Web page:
Prime Minister Benjamin Netanyahu reportedly told investigators in one of the two graft investigations against him that he didn’t know about bottles of champagne gifted to his wife, Sara, by Hollywood movie producer Arnon Milchan.
According to a report Tuesday by Channel 2 news, which cited leaked details of his interrogations by police, Netanyahu distanced himself from the gifts of champagne, allegedly worth many thousands of shekels, and jewelry that Sara allegedly received from Milchan over the years.
Netanyahu told police that he and his wife were “independent people” and that he thus shouldn’t be expected be to be aware of all of her actions, which included, reportedly, receiving regular deliveries of high-end champagne.
The prime minister also defended himself against claims he received from Milchan boxes of cigars over several years, also worth many thousands of shekels. (The billionaire Milchan is reported to have provided the couple with hundreds of thousands of shekels’ worth of gifts in all.)
Netanyahu told police he didn’t check the cost of each cigar and certainly not the total value over the years, the Channel 2 report said. He also reportedly asserted that some cigars he bought with his own money.
He is being investigated in two separate corruption cases. As details of the probes have emerged, they have also fueled speculation that, should he be indicted, his governing coalition could collapse, boosting the prospect of new elections.
Netanyahu has denied any wrongdoing.
In the first case, known as “Case 1000,” police are checking whether the Netanyahus received some NIS 400,000-600,000 ($100,000-150,000) in gifts of cigars and fine wines from Milchan. The couple have reportedly insisted that the sums involved were far lower, and that the gifts were unremarkable since the Milchans are their best friends.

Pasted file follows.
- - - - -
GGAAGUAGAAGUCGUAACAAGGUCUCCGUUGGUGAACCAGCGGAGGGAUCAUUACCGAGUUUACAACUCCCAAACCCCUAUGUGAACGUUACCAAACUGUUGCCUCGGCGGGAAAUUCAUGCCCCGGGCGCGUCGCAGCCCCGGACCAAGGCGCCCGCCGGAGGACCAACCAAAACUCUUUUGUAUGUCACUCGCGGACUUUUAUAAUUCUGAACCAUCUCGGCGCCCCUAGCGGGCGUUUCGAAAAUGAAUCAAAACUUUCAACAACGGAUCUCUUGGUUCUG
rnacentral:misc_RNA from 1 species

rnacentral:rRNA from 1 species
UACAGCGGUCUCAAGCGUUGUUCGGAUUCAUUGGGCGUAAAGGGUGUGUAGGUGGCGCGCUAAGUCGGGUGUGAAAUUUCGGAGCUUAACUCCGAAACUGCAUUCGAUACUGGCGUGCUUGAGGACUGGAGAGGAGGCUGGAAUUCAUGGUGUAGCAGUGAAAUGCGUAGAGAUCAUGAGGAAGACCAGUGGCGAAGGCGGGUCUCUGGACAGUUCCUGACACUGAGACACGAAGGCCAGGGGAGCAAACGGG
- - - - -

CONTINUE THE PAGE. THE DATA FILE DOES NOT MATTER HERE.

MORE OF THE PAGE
The second case, dubbed “Case 2000,” involves the alleged negotiations with the publisher of the Yedioth Aharonoth daily, Arnon Mozes, and focuses on the prime minister’s supposed promise to advance legislation to hobble the Sheldon Adelson-controlled Israel Hayom paper in exchange for more favorable coverage from Yedioth.
Channel 2, reporting last month on what it said was the Hollywood producer’s testimony to police in the preceding weeks, said Milchan told investigators that cigars, champagne and other valuables he gave to the Netanyahus started as occasional gifts, but morphed into a steady supply. The prime minister and his wife would make specific demands, and even send him reminders, and he would send supplies, the TV report quoted Milchan as saying.
The premier is also being investigated for gifts allegedly received from other businessmen. He has been questioned by police three times in the cases.
Netanyahu has charged that the investigations are the consequence of a deliberate effort by the media and left-wing political opponents to oust him in what amounts to “an attempt at a coup.”